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Vinegar Valentines & Cranky Cupids in the 1800s



Today is Valentine’s Day, a day for sending flowers, chocolates, and lovey-dovey sentiments. But, once upon a time, there was a sinister side to the saccharin day. The underside of the holiday was an opportunity for jilted lovers, lonely hearts, cynics, and cranky cupids to get revenge or declare their less-than-sweet sentiments in rude, crude and exceedingly naughty cards. They were called “Vinegar Valentines” and they were the rage.



The trend started in the 1840s. Why it started then is somewhat of a mystery, but the most prevalent theory is that education and literacy rates were growing among the working class and poor. The lower classes’ more cynical views about life—some might say more brutally realistic—crept into the sacrosanct arenas of love and marriage and interjected cutting humor and satire. Soon the mischief spread to the higher classes, according to valentine authority, Nancy Rosin, President of the National Valentine Collectors Association.



The unflattering cards caused quite a flutter across all social classes. To add insult to injury, the postal service in the mid-1800s required the receiver, not the sender, to pay for postage for cards and letters. So, the recipient paid for the insult, not knowing what was inside until it was too late!



There are also some theories that the social trends of the times fed the popularity of vinegar valentines. Alcoholism was sweeping the nation at epidemic rates in the mid-1800s and after the war, especially among men. Many women were left destitute with children to support with their husbands drinking away the family funds. (This trend was also at the roots of the prohibition and suffragette movements.)



After the Civil War, a significant percentage of the male population had been killed or seriously maimed, which decreased the number of eligible males for marriage. The war’s carnage also fed into opioid epidemics across the country.



Additionally, after the war, women were starting to work in factories and also get educations and exploring freedom beyond the institution of marriage. All these trends resulted in the lowest marriage rates in the nation’s history (up until today’s rates). There were record numbers of unmarried men and women in the second half of the 1800s.





Whatever the reasons, vinegar valentines flourished before and after the Civil War and continued their popularity into the early 1900s. Florid verse usually accompanied shocking caricatures of both men and women as unflattering characters, including snakes, shrews, rats, donkeys (“asses”), floozies, dandies, busy bodies, and on and on. Verses insulted a person’s appearance, intelligence, and occupation. It seems nothing was off limits. And, since the vicious valentines were sent anonymously, there were no social conventions to modulate the insult (just like internet trolls of today).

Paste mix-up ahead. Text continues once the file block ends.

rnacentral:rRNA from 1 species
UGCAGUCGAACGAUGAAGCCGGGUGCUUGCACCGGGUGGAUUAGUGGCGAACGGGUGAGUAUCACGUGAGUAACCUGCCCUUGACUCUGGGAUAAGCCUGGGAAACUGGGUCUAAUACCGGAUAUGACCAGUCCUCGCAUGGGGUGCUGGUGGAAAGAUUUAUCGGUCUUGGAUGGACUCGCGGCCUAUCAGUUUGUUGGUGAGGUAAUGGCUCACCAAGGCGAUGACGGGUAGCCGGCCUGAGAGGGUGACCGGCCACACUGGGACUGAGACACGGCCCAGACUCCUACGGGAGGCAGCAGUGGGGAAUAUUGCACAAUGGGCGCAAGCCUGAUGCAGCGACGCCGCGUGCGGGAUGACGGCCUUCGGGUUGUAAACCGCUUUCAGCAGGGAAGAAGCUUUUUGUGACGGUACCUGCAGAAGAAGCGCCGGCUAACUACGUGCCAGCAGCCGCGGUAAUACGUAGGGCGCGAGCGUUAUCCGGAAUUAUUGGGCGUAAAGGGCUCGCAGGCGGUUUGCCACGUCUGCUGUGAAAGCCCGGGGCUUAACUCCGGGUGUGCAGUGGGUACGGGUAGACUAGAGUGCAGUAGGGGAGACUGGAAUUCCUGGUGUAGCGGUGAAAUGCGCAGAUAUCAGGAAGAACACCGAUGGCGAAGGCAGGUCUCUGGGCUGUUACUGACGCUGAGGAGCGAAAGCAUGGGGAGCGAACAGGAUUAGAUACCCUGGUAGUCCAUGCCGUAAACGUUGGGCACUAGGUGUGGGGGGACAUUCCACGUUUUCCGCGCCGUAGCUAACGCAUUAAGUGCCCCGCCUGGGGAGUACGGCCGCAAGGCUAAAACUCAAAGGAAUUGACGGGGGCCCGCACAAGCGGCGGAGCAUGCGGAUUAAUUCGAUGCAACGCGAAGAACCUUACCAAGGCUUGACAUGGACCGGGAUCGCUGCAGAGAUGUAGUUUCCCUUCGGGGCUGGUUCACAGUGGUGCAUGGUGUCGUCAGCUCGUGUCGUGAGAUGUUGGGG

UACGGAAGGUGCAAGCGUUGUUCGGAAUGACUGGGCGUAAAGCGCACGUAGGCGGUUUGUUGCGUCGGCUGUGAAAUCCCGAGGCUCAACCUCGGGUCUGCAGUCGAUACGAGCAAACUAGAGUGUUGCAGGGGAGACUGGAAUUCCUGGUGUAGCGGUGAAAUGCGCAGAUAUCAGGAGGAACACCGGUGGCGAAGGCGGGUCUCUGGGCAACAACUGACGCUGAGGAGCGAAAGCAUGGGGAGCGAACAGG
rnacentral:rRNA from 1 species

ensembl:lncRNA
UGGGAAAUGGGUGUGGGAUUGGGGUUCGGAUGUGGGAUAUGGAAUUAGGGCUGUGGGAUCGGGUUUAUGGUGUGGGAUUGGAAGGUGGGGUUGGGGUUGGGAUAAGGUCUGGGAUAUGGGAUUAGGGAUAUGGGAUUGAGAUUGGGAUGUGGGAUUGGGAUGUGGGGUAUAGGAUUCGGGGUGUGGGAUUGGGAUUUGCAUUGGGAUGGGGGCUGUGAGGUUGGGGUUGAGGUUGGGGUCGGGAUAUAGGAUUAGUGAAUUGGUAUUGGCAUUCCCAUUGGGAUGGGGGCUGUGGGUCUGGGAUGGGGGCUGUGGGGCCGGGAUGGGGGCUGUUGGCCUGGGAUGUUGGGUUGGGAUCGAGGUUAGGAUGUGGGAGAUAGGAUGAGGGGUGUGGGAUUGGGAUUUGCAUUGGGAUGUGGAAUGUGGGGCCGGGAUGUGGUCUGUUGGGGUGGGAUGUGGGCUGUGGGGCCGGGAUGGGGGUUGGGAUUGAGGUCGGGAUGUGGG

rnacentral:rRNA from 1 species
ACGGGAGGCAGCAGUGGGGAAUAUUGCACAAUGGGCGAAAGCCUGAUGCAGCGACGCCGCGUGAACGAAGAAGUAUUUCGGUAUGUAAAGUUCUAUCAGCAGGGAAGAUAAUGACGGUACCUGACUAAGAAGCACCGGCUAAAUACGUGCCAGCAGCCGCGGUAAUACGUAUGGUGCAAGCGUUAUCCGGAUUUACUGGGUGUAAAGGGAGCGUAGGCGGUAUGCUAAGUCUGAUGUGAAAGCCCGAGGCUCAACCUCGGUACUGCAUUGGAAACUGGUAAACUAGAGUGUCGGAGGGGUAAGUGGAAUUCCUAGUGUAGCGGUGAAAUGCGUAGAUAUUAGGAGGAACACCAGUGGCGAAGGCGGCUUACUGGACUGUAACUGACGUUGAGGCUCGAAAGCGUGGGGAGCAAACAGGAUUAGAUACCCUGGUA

Doctors were sent valentines calling them “Doctor Sure-Death.” People who dressed well were insulted for their fancy frills and vacuity. Suffragettes and abolitionists suffered special spite for their beliefs and were called unloved and unlovable (among other unprintable descriptors). Suffragettes answered with valentines: “No vote, no kiss!” Bald men were blasphemed. Ample women were abused. Popular men were pilloried. Shy women were shamed. Penny-pinchers were picked at. And the unmarried were mocked. Insults were insidious. Vinegar valentines were sent to bosses, landlords, teachers, salesmen and women, and politicians.



Insults ranged from the vulgar and even violent to more insipid and genteel barbs. One Victorian card insulted the male recipient as “a dissipated weed.” Another criticized a woman’s eyes with the last strange stanza:


I’d sooner marry a giraffe, Hedgehog or porcupine, Than from the female sex select A cod-eyed Valentine.



Vinegar valentines were so popular in 1847 that a major New York valentine publisher enjoyed equal sales between cupid-minded cards and vitriolic valentines. The vile side of the valentine market became so popular that a backlash ensued.


In 1857, The Newcastle Weekly Courant complained that “the stationers’ shop windows are full, not of pretty love-tokens, but of vile, ugly, misshapen caricatures of men and women, designed for the special benefit of those who by some chance render themselves unpopular in the humbler circles of life.”



The cards sometimes instigated social unrest. In 1885, the Pall Mall Gazette reported that a husband shot his estranged wife in the neck after receiving a vinegar valentine that he assumed was from her. Certainly, vinegar valentines spread immense hurt, and memoirs and newspaper accounts from the 1800s indicate they caused fisticuffs, bar brawls, court cases, divorces, suicides, and attempted murders.



The social science and historical documentation of vinegar valentines has not been as well researched as traditional valentines for one main reason: they seldom survived the recipient’s reaction and quickly ended up in the trash or burned.



Many bemoan the divisiveness of today, but it seems Victorians were not that different. Under the cloak of anonymity, Victorians sent insults through the post with impunity. Today, modern-day trolls send them through the Internet. And, in the mid-1800s, many complained that Valentine’s Day had become too commercial. It seemed that love—and hate—had become big business. The more things change, the more they stay the same...


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  • Notes From the Frontier